- Ensure that everyone has a role in the
meeting. Meetings are productive when people bring contribution, updates,
or relevant findings or information to those meetings. It sounds obvious, but
make sure anyone included on a meeting invite is contributing in some way to
That means there needs to be a clear expectation that anyone invited to a meeting should be prepared for that meeting. If they have nothing to share, then maybe they don’t need to be included in the meeting. Remember that depending on how long the person has been with your company or what organization they may come from, that might not be a clear expectation, so be sure that’s known, if your team adopts that mentality.
- Don’t (always) default to a meeting. Sometimes when there is confusion or a decision needs to be made, it’s effective to have a meeting to have healthy dialogue and debate over the right course of action. But make sure you don’t always default to a meeting each and every time there is a decision or each and every time there is a problem. It’s going to depend on your culture, but be sure meetings don’t become some form of busywork.
4. Be honest with yourself about what you need to do “now”
Debbie Millman, a prolific writer, designer, educator, artist, and host of the podcast “Design Matters”, said it best when she talked about how many of us don’t prioritize what matters most.
She argues that many times, we use excuses to explain why we can’t do something that we say we want to do. She says:
Of the many, many excuses people use to rationalize why they can’t do something they say that they want to do, the excuse “I am too busy” is the least likely to be true. I don’t believe in “too busy.” I think that “busy” is a decision. We do the things we want to do, period. If we say we are too busy, it is shorthand for “not important enough.” It means you would rather be doing something else that you consider more important…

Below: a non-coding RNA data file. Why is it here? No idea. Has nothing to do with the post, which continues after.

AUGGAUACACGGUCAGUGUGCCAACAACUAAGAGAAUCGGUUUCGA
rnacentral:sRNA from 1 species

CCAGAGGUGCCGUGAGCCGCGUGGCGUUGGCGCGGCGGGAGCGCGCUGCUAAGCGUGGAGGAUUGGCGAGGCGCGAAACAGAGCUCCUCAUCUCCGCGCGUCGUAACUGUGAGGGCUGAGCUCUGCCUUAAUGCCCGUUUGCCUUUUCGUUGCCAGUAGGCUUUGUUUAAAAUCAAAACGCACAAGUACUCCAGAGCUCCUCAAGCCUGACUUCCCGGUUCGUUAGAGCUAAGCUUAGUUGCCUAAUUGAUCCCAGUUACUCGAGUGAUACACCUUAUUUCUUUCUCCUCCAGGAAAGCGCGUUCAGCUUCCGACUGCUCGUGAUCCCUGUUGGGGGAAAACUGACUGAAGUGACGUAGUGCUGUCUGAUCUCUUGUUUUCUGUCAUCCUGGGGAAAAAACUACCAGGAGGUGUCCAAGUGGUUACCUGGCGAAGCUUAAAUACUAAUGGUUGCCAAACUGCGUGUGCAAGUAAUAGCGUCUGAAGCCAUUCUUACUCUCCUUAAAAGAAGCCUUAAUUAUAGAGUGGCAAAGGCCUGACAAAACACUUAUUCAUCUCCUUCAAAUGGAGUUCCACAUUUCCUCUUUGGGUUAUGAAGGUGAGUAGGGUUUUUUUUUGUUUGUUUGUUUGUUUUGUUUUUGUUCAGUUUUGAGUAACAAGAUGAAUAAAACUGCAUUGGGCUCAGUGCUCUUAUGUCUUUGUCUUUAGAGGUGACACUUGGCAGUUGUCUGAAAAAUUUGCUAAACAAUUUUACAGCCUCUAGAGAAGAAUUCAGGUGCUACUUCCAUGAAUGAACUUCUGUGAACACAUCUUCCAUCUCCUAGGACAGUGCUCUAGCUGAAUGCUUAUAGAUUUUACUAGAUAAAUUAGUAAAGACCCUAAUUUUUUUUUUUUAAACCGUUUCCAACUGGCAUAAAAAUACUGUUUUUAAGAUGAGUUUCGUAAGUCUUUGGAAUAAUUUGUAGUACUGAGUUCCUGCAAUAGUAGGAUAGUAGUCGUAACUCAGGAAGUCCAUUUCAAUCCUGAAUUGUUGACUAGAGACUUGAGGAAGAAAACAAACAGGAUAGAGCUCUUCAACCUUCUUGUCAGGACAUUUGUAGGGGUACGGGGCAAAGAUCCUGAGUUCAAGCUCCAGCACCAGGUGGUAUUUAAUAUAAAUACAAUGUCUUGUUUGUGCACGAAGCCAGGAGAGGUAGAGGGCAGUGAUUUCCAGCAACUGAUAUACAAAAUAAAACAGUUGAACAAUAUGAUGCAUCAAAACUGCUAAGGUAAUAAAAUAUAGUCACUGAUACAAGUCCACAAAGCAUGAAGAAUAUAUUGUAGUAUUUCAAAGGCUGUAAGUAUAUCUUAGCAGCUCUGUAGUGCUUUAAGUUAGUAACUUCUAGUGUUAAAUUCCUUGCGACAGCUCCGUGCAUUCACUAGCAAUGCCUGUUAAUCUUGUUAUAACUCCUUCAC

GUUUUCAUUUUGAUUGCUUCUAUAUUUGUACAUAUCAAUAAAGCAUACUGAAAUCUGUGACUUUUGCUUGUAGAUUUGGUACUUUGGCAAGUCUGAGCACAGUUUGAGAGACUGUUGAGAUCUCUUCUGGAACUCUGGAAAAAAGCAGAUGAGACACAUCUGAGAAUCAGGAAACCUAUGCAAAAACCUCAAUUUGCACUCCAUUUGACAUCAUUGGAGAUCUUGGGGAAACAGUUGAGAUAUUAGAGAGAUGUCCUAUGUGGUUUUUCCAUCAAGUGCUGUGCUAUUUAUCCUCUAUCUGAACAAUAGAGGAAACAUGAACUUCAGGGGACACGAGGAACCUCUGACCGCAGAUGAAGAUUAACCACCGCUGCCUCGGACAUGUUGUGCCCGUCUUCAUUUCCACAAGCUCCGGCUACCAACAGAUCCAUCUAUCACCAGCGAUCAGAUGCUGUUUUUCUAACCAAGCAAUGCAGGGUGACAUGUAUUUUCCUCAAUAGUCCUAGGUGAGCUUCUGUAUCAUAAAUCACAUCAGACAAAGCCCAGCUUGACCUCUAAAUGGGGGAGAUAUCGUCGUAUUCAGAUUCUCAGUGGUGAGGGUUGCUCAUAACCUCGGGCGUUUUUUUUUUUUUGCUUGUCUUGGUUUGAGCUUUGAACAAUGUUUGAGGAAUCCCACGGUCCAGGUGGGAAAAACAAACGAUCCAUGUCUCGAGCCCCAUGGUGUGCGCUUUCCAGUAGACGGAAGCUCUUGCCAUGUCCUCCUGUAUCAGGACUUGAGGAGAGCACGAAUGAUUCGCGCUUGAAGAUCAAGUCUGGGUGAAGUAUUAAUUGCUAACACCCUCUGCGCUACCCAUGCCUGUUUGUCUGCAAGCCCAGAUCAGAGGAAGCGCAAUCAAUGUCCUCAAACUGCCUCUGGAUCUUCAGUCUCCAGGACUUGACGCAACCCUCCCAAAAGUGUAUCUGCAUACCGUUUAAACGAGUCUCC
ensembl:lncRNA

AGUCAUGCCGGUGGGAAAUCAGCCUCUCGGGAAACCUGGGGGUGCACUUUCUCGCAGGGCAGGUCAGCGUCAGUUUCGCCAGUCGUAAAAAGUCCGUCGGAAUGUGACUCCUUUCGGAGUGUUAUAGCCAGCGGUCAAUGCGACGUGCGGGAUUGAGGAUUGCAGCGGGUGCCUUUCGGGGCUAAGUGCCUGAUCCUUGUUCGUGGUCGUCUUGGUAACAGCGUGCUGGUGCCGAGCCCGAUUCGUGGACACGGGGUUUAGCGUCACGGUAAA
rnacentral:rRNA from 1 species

Her point is this: when we say we’re too busy for something, in many circumstances, it may just be an excuse. We all have to make the decision to be honest with ourselves about what we want to do, what we intend to do, and it’s up to us to make time for the things we really care about. It’s not always as simple as that, but reflection on prioritization and true sources of why we are procrastinating can go a long way.
5. Turn it off
We can focus so much on all the tactics or strategies that help us with time management, but one of the best ways to be able to be as productive as possible is to be sure we unplug and that we actually stop working each day.
Did you know that a study of Americans found they we check our phones as much as 80 times a day? (1) And for remote workers, this can be even more of a problem.
A few ways you may want to adopt this mentality include:
- Stop working on anything related to work (even thinking about work) at least 1.5 hours before you plan on going to sleep;
- Take a lunch break each and every day—so that means no multi-tasking or working while you eat;
- Set boundaries as to how much you work;
- Take short breaks—possibly to walk—during the day, without technology.
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We’re making compliance #MoreHuman so you can be as meaningfully productive as possible each day. Get started and get all your Labor Law posters here.
Kim Geiger leads the eSign division at Edoc Service, Inc., a totally remote company. Digital Labor Laws is a subdivision of eSign.
Edoc is a team that’s passionate about transforming how business is done in America. Kim–and Edoc–are champions of remote work, which is why Edoc offers tools and services to other companies to help them be more productive, more collaborative—and often times, more virtual.